The Silence of the Lambs and the Wartime GHGs Emissions

The Silence of the Lambs and the Wartime GHGs Emissions

[Romina Edith Pezzot is currently a PhD researcher in international law and a teaching assistant at the Graduate Institute in Geneva. Her current research focus on the interaction between international environmental law, climate change law and international humanitarian law. She holds a law degree from the University of Buenos Aires and a master’s degree in international law from the Graduate Institute.]


Last 24th February 2024 marked 2 years since the armed conflict between Russia and Ukraine started. What makes this conflict unique, among other things, is that it has marked a turning point for the protection of the natural environment. Being the natural environment one of the significant casualties of this conflict, the Ukrainian people has prioritized its protection since the early stages of the hostilities. Indeed, being aware of the environmental impacts arising from the confrontations, Ukraine decided to adapt its domestic legal and institutional framework to enhance its protection. As Vöneky and Wolfrum clearly point out, the history of wartime activities is also a history of environmental damages, but—and I add, it is only the history of ‘visible’ environmental damage. What about ‘invisible and silent’ environmental damages during armed conflicts, like green-house gases (GHGs) emissions produced by military activities? The aim of this post is to unveil the damage to the Earth’s climate system produced by the so-called ‘wartime GHGs emissions’, taking as a reference the armed conflict between Russia and Ukraine. The post likewise seeks to raise awareness about the necessity to report and reduce them to avoid worsening the human-induced climate change problem.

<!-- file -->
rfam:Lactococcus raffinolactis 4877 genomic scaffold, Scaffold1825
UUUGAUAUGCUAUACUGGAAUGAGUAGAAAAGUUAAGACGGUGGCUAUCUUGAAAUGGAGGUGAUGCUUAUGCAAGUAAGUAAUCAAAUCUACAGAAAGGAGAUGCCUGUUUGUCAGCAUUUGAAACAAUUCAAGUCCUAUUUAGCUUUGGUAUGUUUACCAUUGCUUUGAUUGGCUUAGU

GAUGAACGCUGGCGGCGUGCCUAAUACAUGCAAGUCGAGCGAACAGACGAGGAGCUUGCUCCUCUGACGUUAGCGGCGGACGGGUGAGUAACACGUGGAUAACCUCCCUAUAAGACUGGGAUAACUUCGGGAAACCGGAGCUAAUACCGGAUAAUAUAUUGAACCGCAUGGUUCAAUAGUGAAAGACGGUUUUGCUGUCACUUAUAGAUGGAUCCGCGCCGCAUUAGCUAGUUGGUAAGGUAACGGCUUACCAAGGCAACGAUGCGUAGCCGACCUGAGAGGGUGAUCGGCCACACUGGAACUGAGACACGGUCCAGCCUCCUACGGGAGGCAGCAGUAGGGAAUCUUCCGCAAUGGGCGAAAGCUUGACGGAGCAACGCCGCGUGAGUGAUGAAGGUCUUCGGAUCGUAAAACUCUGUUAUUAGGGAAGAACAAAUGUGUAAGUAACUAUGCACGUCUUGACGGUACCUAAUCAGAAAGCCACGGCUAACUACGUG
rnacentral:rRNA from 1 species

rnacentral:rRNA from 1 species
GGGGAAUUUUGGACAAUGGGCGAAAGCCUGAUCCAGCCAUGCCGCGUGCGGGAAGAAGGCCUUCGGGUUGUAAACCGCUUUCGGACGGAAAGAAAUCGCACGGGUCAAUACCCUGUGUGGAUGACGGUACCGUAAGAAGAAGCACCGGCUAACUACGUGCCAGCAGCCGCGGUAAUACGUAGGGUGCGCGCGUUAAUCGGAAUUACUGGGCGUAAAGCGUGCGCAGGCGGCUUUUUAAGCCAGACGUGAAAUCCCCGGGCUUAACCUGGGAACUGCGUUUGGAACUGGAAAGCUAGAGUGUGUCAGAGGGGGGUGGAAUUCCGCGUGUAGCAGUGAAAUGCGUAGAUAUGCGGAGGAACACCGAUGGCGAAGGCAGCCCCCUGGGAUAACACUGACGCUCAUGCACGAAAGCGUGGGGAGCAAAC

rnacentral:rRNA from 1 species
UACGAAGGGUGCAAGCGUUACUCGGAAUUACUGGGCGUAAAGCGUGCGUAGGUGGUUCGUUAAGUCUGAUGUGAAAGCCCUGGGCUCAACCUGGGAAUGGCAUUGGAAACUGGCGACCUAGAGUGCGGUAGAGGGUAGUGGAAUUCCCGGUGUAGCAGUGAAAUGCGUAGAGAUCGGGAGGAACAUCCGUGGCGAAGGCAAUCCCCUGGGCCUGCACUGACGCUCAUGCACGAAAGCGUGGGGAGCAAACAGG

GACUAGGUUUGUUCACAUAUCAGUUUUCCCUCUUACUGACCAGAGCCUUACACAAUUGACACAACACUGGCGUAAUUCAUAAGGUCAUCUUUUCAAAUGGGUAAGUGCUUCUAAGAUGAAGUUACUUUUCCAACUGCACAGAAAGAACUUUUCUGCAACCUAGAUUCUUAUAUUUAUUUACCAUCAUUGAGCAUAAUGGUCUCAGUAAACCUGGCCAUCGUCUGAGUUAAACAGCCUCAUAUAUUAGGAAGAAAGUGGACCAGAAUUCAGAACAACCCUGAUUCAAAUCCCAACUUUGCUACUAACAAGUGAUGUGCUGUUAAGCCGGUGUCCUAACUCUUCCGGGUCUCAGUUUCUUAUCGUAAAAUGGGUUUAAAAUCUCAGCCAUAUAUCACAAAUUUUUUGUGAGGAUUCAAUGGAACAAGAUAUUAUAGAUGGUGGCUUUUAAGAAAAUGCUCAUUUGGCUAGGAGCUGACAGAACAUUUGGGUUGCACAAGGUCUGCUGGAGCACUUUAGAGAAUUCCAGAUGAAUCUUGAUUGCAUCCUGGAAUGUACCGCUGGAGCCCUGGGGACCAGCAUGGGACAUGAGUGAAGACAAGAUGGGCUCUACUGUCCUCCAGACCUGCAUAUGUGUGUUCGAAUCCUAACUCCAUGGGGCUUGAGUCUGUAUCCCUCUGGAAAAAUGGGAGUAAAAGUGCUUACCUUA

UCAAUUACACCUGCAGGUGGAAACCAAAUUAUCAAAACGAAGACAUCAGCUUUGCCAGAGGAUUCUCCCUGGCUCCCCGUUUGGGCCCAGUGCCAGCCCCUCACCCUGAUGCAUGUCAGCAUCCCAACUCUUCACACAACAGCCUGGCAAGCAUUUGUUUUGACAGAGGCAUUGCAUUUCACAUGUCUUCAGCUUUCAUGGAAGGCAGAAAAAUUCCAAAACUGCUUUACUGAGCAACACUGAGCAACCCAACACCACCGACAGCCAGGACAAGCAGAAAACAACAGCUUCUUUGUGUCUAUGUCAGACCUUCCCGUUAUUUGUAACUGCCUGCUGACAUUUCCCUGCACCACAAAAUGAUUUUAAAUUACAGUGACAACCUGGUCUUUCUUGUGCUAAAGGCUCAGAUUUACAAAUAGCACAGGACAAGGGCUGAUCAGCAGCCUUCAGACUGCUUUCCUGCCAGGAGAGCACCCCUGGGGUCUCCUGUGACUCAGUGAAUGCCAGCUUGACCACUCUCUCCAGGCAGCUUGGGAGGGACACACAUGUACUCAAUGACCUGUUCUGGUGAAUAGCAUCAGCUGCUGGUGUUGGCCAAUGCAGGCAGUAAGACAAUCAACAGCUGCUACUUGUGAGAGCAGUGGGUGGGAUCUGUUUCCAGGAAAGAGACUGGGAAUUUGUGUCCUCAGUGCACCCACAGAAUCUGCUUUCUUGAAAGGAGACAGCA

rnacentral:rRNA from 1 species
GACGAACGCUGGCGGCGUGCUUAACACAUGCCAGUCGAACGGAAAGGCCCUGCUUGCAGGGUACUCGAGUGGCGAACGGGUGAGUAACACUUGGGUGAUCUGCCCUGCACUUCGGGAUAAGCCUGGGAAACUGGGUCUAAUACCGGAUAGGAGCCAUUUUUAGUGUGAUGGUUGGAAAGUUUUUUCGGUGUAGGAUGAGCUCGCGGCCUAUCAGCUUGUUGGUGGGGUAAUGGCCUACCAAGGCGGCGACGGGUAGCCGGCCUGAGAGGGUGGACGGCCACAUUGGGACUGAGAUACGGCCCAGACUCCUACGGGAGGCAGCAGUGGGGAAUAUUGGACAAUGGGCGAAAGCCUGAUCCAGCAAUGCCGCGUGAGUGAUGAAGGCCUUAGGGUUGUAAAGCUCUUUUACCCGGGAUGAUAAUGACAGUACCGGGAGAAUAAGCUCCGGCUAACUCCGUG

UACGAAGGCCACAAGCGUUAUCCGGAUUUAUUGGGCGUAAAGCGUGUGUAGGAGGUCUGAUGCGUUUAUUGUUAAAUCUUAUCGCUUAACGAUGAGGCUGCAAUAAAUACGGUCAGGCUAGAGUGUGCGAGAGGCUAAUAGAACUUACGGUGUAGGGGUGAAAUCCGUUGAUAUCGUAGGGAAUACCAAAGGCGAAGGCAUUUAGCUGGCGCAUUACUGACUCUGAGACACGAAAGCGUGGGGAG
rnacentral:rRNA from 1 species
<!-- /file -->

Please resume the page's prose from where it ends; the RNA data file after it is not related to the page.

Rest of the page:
The Silence of the Lambs

The expression ‘wartime GHGs emissions’ (or ‘carbon bootprint’) comprehends the GHGs (carbon dioxide, methane, nitrous oxide, among others) emitted by: 1) the fighting activities during armed conflicts (international and non-international, including occupations), 2) the arm industry and the military supply chains, and 3) the collateral consequences of armed conflicts, such us the carbon footprint of forced displaced civilians and refugees, among many other sources (see here, here and here). There is a cliché that has been normalized and accepted as inevitable that says: ‘The environment is the silent victim of war’. A good example that perfectly fits this phrase is the pollution of the Earth’s climate system by wartime GHGs emissions because they silently contribute to the increase of the Earth’s temperature, hence, worsening the current climate change problem.